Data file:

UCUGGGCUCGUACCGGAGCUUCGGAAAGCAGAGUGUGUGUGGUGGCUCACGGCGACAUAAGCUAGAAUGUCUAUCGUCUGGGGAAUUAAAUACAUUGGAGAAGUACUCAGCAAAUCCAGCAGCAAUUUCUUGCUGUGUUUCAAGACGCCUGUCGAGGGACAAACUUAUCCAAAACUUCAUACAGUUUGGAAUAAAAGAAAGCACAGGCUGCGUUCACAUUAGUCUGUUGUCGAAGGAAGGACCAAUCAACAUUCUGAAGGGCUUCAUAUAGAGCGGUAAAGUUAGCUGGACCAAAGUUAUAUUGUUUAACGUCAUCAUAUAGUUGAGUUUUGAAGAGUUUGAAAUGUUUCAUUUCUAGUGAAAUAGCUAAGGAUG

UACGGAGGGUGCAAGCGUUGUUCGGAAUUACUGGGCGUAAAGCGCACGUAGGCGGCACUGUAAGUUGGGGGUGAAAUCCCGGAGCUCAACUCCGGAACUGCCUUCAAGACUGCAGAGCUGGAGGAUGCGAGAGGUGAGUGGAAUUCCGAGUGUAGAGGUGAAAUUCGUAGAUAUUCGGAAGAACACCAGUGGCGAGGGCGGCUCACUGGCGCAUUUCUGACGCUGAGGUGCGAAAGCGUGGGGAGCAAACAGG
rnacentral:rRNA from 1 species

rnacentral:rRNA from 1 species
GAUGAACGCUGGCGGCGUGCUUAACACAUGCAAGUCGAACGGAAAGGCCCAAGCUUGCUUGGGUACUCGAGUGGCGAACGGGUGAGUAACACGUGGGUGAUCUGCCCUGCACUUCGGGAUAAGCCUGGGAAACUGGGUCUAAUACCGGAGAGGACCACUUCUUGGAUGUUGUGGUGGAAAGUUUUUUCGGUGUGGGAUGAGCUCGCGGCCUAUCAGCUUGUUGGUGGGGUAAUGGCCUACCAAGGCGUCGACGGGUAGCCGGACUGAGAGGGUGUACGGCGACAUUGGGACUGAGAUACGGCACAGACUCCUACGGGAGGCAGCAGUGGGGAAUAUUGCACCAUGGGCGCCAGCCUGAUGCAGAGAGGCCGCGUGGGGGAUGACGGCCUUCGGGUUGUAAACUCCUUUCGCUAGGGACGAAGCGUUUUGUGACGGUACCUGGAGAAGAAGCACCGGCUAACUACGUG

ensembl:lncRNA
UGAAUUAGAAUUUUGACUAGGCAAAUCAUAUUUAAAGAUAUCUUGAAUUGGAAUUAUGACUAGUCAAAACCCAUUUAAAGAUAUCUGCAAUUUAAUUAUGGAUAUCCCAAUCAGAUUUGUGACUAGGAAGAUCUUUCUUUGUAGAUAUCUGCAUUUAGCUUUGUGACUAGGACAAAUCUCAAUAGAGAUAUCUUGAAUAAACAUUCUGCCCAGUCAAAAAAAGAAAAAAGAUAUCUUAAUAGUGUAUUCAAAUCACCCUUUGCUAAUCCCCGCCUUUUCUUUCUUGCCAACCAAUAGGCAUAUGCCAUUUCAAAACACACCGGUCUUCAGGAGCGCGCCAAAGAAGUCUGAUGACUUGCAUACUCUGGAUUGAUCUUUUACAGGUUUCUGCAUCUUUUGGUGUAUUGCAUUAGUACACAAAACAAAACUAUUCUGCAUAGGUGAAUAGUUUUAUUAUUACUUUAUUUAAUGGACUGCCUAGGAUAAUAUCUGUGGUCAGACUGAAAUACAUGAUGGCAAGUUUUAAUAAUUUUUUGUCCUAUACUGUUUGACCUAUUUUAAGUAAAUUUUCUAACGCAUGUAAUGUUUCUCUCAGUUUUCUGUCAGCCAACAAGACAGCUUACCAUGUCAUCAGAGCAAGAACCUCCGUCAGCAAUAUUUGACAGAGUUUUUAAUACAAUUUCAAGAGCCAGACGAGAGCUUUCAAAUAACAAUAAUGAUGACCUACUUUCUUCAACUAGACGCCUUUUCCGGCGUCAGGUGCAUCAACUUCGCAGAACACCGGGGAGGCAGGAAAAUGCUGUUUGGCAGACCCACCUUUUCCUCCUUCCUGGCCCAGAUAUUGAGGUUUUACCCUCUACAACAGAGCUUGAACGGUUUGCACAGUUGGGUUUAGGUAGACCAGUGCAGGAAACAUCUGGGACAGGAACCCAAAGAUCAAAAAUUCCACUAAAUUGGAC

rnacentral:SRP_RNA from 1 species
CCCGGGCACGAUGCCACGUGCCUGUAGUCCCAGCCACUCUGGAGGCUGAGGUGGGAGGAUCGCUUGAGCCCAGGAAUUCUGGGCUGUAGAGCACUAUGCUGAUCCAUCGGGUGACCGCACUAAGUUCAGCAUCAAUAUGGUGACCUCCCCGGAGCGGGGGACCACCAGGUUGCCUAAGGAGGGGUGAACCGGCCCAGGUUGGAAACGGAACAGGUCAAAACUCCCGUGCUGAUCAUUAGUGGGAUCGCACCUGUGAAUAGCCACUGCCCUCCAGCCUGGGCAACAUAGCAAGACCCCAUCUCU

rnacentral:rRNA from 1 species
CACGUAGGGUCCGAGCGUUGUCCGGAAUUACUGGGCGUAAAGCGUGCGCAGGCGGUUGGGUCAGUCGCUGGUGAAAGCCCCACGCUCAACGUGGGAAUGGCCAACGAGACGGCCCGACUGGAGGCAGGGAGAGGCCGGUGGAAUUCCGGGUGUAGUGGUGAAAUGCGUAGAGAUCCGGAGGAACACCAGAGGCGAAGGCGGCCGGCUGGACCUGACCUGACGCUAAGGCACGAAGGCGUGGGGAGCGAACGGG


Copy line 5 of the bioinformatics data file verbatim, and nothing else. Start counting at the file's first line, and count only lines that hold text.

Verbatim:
GAUGAACGCUGGCGGCGUGCUUAACACAUGCAAGUCGAACGGAAAGGCCCAAGCUUGCUUGGGUACUCGAGUGGCGAACGGGUGAGUAACACGUGGGUGAUCUGCCCUGCACUUCGGGAUAAGCCUGGGAAACUGGGUCUAAUACCGGAGAGGACCACUUCUUGGAUGUUGUGGUGGAAAGUUUUUUCGGUGUGGGAUGAGCUCGCGGCCUAUCAGCUUGUUGGUGGGGUAAUGGCCUACCAAGGCGUCGACGGGUAGCCGGACUGAGAGGGUGUACGGCGACAUUGGGACUGAGAUACGGCACAGACUCCUACGGGAGGCAGCAGUGGGGAAUAUUGCACCAUGGGCGCCAGCCUGAUGCAGAGAGGCCGCGUGGGGGAUGACGGCCUUCGGGUUGUAAACUCCUUUCGCUAGGGACGAAGCGUUUUGUGACGGUACCUGGAGAAGAAGCACCGGCUAACUACGUG